Diageo’s Premium releases for 2013

Through the magic that happens at Facebook I saw a post from CognisNews on my timeline. Never heard of them, but they had the scoop on Diageo’s releases for 2013. Thanks should also go to WhiskyIntelligence.com.

Here is a short version. I ripped out the tasting notes since most people don’t really care about that marketing bit. I’ll write some opinion on this all after Maltstock. I’m kind of preoccupied right now:

Diageo has announced the ten Single Malt Whiskies that form its annual limited-edition Special Releases for 2013.

In the words of Nik Keane, global director for malt whiskies at Diageo, they represent “some of the most sought after, valuable and collectible Single Malt Scotch Whiskies in the world”.

The oldest in the collection is a Lagavulin™ at 37 years old and distilled in 1976 – the oldest expression of Lagavulin ever released by the distillers, in a dramatically limited edition of fewer than 2,000 bottles. It is flanked by a lively 12 year old Lagavulin.

Georgie Crawford, distillery manager at Lagavulin, said: “Lagavulin is probably the most sought-after single malt whisky in production today  –  universally acknowledged as one of the unchallenged grands crus of Scotch Whisky. For many years we have been unable to supply sufficient mature spirit to meet worldwide demand. So bottlings of old Lagavulin are exceptionally rare, and this year’s 37 year old is the oldest that we have ever released. Its 12 year old younger brother makes a regular appearance in the Special Releases, and has always been received with huge enthusiasm.”

Further North, from the Isle of Skye, 3,000 individually numbered bottles of a classic and sophisticated Talisker™ distilled in 1985 are destined to be much in demand from adorers of this legendary single malt.

Three grown-up whiskies make the case for Speyside.  An unusually mature example ofCardhu™, presented at 21 years old in fewer than 6,000 individually numbered bottles, will suggest an interesting comparison with the 22 year old Cardhu own bottling released in 2005. The 28 year old bottling of The Singleton of Dufftown™ is the first limited cask strength edition of The Singleton in this series with just 3,840 individually numbered bottles. And bottled at 36 years old, the very rare Convalmore™ – from the Dufftown distillery that ceased production in 1985 – makes a welcome reappearance, carrying  a few more years since its last much-acclaimed showing in the Special Releases back in 2005, this time in a smaller edition of only 3,000 bottles.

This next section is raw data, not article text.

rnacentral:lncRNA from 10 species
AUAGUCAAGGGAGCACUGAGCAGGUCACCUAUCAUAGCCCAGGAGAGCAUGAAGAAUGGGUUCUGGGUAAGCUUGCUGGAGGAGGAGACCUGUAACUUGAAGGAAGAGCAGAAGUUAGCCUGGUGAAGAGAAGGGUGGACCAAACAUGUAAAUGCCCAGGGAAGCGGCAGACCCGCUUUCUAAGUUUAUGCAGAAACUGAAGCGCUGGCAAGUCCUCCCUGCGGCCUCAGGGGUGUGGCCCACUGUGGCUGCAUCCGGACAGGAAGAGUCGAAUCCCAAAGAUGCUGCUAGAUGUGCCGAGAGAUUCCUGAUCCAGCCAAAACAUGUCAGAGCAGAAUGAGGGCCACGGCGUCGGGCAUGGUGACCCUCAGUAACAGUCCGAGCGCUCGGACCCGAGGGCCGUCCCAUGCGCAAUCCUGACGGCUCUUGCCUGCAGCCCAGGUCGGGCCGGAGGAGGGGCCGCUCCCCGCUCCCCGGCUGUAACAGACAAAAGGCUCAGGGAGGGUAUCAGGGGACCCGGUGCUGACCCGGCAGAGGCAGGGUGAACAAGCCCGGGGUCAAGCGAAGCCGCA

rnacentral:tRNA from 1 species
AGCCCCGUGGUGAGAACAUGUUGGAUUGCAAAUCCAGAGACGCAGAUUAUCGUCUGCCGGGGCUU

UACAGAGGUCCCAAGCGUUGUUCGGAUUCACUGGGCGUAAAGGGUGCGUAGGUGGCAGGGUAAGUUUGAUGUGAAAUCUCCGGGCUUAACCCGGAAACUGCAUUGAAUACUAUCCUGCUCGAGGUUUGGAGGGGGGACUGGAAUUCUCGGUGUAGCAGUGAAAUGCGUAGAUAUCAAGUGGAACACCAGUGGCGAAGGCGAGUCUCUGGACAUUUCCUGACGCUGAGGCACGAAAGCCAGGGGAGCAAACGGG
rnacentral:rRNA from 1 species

For lovers of West Coast Single Malt Whiskies, Oban™ is represented by a 21 year old from rejuvenated American Oak and a second fill in ex-Bodega casks. Another complex maturation regime lies behind the 8th unpeated limited edition of Caol Ila™ which this year proudly carries the subtitle “Stitchell Reserve” in honour of the long-serving distillery manager Billy Stitchell, due to retire this year.  “Refill American Oak, rejuvenated American Oak and ex-bodega European Oak have all played a role in creating this special Caol Ila,” explains Billy. “It has a firm, clean and fresh style, finishing with aromatic, spicy and drying notes.”

Ultra-rare bottlings from another two long-closed distilleries complete the line-up in this year’s releases. A 34 year old Port Ellen™, the 13th and oldest release from the original distillers, comes in an edition of fewer than 3,000 individually numbered bottles, as does the equally desirable Highland East Coast 35 year old Brora™, from casks filled in 1977. Both bottlings are destined to excite collectors and connoisseurs.

Nick Morgan, Diageo’s head of whisky outreach,  commented: “Stocks of Brora and Port Ellenare inexorably diminishing. Each year’s limited-edition bottling releases one more fragment of whisky history that is unique, and can’t ever be replaced. This puts Port Ellen and Brora in a different category from most other very old single malts  –  mainly from operating distilleries  –  that  are on the market, often at very high  prices. On top of that, Port Ellen and Brora are not merely rare, old and in great demand – they are judged by most qualified commentators to be of outstanding quality, and this year’s edition will be no exception.

“Indeed, many would accept that Port Ellen and Brora are among the world’s rarest Single Malt Whiskies still being released.”
Caol Ila Stitchell ReserveCardhu 21Convalmore 36Lagavulin 12Lagavulin 37Oban 21Port Ellen 34The Singleton of Dufftown 28Talisker 1985

DISTILLERY AGE AT BOTTLING YEAR DISTILLED UK RRSP % ABV ON BOTTLING VOLUME RELEASED (BOTTLES)
Brora 35 1977 £750 49.9 2,944
Caol Ila Not declared Not stated £70 59.6 Limited number
Cardhu 21 1991 £160 54.2 6,000
Convalmore 36 1977 £600 58.0 2,980
Lagavulin 12 not stated £80 55.1 Limited number
Lagavulin 37 1976 £1,950 51.0 1,868
Oban 21 not stated £225 58.5 2,860
Port Ellen 34 1978 £1,500 55.0 2,958
The Singleton of Dufftown 28 1985 £235 52.3 3,816
Talisker 27 1985 £475 56.1 3,000

End of the press release.

So far, most of it is out of my league, but I sure would like to taste all of them!

About Sjoerd de Haan-Kramer

I'm a web developer at Emakina. I'm highly interested in booze, with a focus on whisk(e)y. I like to listen to loads of music and read quite some books. I'm married to Anneke, have a daughter Ot, a son Moos and a cat called Kikker (which means Frog, in Dutch). I live in Krommenie, The Netherlands.
This entry was posted in Brora, Caol Ila, Cardhu, Convalmore, Lagavulin, Oban, Port Ellen, Talisker and tagged , , , , , , , , , , , , , , , . Bookmark the permalink.

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